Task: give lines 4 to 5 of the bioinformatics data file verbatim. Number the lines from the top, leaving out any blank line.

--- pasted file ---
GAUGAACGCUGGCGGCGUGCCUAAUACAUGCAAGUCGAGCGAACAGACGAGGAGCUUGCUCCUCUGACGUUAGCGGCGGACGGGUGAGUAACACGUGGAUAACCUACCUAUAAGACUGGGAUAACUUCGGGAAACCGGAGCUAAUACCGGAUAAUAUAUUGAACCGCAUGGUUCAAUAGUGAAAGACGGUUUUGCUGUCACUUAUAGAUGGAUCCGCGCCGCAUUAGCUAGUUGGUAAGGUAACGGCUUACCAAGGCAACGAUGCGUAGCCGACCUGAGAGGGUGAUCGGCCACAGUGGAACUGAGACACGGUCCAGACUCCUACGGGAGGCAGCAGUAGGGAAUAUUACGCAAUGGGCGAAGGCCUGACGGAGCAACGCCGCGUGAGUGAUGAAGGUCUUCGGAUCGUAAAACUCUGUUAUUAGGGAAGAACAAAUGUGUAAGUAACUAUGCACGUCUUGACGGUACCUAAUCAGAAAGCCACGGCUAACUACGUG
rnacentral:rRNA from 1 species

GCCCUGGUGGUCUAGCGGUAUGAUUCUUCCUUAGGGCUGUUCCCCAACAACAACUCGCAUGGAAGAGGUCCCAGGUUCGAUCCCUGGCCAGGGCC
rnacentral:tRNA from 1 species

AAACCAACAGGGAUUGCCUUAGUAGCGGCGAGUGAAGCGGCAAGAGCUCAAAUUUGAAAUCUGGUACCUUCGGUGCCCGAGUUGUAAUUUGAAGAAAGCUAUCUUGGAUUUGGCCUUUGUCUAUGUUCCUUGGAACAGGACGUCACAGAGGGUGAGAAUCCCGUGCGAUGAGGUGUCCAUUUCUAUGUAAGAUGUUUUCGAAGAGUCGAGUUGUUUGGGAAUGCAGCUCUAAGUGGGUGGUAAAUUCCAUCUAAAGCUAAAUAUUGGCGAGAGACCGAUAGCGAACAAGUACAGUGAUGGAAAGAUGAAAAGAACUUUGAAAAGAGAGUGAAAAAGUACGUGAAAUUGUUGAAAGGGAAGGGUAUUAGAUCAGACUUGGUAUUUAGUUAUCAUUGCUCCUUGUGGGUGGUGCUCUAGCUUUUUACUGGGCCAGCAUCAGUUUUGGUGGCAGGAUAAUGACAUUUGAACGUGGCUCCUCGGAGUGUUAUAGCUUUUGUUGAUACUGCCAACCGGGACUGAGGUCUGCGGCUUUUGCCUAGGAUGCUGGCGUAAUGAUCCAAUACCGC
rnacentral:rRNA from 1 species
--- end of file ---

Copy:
rnacentral:tRNA from 1 species

AAACCAACAGGGAUUGCCUUAGUAGCGGCGAGUGAAGCGGCAAGAGCUCAAAUUUGAAAUCUGGUACCUUCGGUGCCCGAGUUGUAAUUUGAAGAAAGCUAUCUUGGAUUUGGCCUUUGUCUAUGUUCCUUGGAACAGGACGUCACAGAGGGUGAGAAUCCCGUGCGAUGAGGUGUCCAUUUCUAUGUAAGAUGUUUUCGAAGAGUCGAGUUGUUUGGGAAUGCAGCUCUAAGUGGGUGGUAAAUUCCAUCUAAAGCUAAAUAUUGGCGAGAGACCGAUAGCGAACAAGUACAGUGAUGGAAAGAUGAAAAGAACUUUGAAAAGAGAGUGAAAAAGUACGUGAAAUUGUUGAAAGGGAAGGGUAUUAGAUCAGACUUGGUAUUUAGUUAUCAUUGCUCCUUGUGGGUGGUGCUCUAGCUUUUUACUGGGCCAGCAUCAGUUUUGGUGGCAGGAUAAUGACAUUUGAACGUGGCUCCUCGGAGUGUUAUAGCUUUUGUUGAUACUGCCAACCGGGACUGAGGUCUGCGGCUUUUGCCUAGGAUGCUGGCGUAAUGAUCCAAUACCGC